Dayton, OH – LULAC Council #39000
(2011 model program)
LULAC Council #39000 was selected to continue its successful program, “Camino de Vida” (Helping students find their Camino), for another year. The program recruits ESL instructors and other students from Wright State University and the University of Dayton to work as tutors and mentors in language arts, mathematics and science. Students also learn organizational skills and how to set goals and track progress. The program engages students through an outreach method with parents and teachers for good methods of communication. Students learn to set goals to achieve better grades by reviewing their current grades and report cards and celebrate progress in a positive and impactful manner. In the first year, “Camino de Vida” made history by graduating their first English Language Learner student from a Dayton Public School.
Austin– LULAC Council #4933
Austin Soundwaves, a music education program modeled after El Sistema, will expand its current efforts at East Austin College Prep Academy. Through the FDD grant, Austin Soundwaves will expand to connect low-income at-risk youth in Austin with experienced musicians and educators who will serve as mentors and role models. The program’s weekly 10 hours of instruction will also be supplemented by additional hours in performance opportunities such as educational field trips, learning excursions, and student performances at various venues throughout Austin.
El Paso – LULAC Council #8 and LNESC-El Paso
This program will work with 30 students from Bel Air High School in the El Paso Independent School District School. The students will receive mentoring, tutoring, career days, educational and motivational field trips, and financial aid and scholarship workshops. The program will consist of 10 to 14 hours of activities and four hours of tutoring and mentoring services per month, including one-on-one counseling and group and meetings with advisors. Advisors will speak to students about obstacles and challenges, develop a plan and get students to sign an agreement to attend classes, maintain passing grades, and participate in the program. The students will have the opportunity to pursue career exploration through career days and connect with professionals in various fields. The students will participate in field trips to educational institutions and area colleges and job sites. The students will be required to attend scholarship and financial aid workshops as well as seek potential internships.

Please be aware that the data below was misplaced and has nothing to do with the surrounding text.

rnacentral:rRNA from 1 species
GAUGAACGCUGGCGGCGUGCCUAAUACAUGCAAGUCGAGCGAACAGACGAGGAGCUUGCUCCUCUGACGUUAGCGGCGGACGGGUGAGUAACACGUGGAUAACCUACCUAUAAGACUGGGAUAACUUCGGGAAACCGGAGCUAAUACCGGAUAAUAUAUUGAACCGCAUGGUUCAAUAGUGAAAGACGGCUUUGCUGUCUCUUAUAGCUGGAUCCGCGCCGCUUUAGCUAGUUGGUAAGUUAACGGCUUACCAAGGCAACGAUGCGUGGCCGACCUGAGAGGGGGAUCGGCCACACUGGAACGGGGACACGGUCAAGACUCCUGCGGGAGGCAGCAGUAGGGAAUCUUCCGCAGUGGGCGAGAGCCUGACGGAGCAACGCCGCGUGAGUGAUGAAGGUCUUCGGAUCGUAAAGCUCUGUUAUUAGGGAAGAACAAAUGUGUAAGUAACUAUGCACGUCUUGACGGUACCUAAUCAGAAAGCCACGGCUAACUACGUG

Plano – LULAC Council #4537
“Project Cap and Gown” will recruit 50 at-risk 9th and 10th grade high school students who primarily speak Spanish at home and are the first in their family to graduate from high school. Mentors will work with students during lunchtime and offer them after-school tutoring in the subjects of reading, math, social studies, and science. Tutors will include teachers of the Plano ISD school district and local college students. A Career Fair will be held each semester during the first year and twice a semester during the second year. During the Career Fairs, presenters will speak to students about their careers. The students will participate in bi-monthly college visits to institutions of higher learning in the area. On-going parent workshops will be conducted by Plano ISD school district employees. The workshops will equip parents with information on graduation requirements and college preparation.
San Antonio – Balcones Heights LULAC #4619
This after-school program for students at South San Antonio High School in the South San Antonio Independent School District will encourage parental involvement and provide students with tutoring, mentoring, external speaker engagements, specialty workshops, and tours of STEM facilities in the area. The program will allow for both peer and adult tutors to work in individual and group settings with the students. A program manager will meet with the school counselors and teachers to discuss the specific needs of each student. The San Antonio College, Society of Mexican American Engineers and Scientists, and the Society for Advancement of Chicanos and Native Americans in Science will provide workshops, leadership sessions, career exploration, higher education exploration, and tutoring and mentoring. Two tours a year will be organized at local manufacturing, research and health allied companies, and organizations.